What about specific energy matters: will the UK be able to diverge from Europe?
The UK has significant influence on EU energy policy. It has been a lead Member State in pushing for liberalisation. Much European policy is consistent with UK’s domestic policy, e.g. unbundling, gas market arrangements and the promotion of renewables. Replacement arrangements would likely involve significantly less UK political influence over the regulation of our neighbouring energy markets. The UK would not only lose its EU votes. It would cease to be a member of ACER and the CEER.
On the other hand, if the UK leaves it would have greater freedom over energy policy. How would this be exercised? Some key examples are as follows.
State Aid: more subsidies to generators? The UK may no longer have to comply with EU state aid rules, which have a material influence over investments under the CfD and Capacity Mechanism, (e.g. Hinkley). However one may ask how much would policy differ? UK policy is to reduce the cost of new capacity. One tool is the use of auction mechanisms. EU state aid policy is consistent.
Energy security: going it alone? The UK may not have to comply with developing EU law on energy security. However, practically, the UK depends to some extent on the EU for energy security. This is not limited to imports through the interconnectors. There are also perceived benefits in being part of a bloc when negotiating with states such as Russia. This will have to remain an area for co-operation.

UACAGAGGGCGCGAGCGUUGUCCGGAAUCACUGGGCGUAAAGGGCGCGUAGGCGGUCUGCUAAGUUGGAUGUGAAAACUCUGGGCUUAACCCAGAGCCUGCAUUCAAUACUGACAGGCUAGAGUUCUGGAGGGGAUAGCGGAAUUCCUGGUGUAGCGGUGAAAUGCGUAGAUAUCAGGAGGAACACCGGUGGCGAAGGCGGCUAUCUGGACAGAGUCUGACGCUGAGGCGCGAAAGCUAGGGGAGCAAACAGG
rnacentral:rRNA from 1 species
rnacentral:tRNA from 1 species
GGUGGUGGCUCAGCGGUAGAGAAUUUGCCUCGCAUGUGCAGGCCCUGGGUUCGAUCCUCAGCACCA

Lower the 2020 renewables target? The UK has to meet the 2020 target under EU law. Parliament cannot override this, EU law is supreme. So, for as long as the UK remains part of the EU, this target is most difficult to change. This provides investors with some security. Contrast this with domestic climate change targets. Parliament is not bound by its own Acts of Parliament and can repeal them.
Control our own markets? The EU is intensifying efforts to integrate markets. There is progress towards regional intra-day markets and regional system balancing. Steps e.g. to regulate the LNG market might have a profound effect on the UK’s gas market. The EU is now looking closely at the consumer side, where Member States have much greater freedom to act at the moment. The UK may prefer freedom to regulate its own consumer markets: as ultimately consumers are voters.
An independent regulator or a more powerful Secretary of State? It is sometimes suggested that Ofgem should be abolished and that Government should play a much larger role in policy. EU law requires that Member States create independent regulators such as Ofgem/GEMA and avoid political interference. For so long as the UK is a part of the EU, Ofgem, or a similar body must exist. Regulatory independence is a protection for investors, in particular as energy has become much more political in the UK. Brexit might lead to greater political involvement.
So what will happen?
There is scope for divergence. However this might be overstated. As an example it is difficult to see how the UK can avoid EU law and energy policy after Brexit. The interconnectors land in the EU, and so are subject to EU law.
The more compelling point is that the wider economic and commercial background means that it is highly likely that the UK energy market will continue on its path to greater integration with the EU market, whatever the outcome of a referendum.
The reality, however, is that the true impact of Brexit will only become clear once negotiations start. These negotiations will take a significant amount of time. Energy investment is long term and investors may proceed more cautiously until the position becomes clearer. An investment pause at this stage may bring its own more immediate generation capacity related difficulties.
Gordon Downie and John Grady are partners at Shepherd and Wedderburn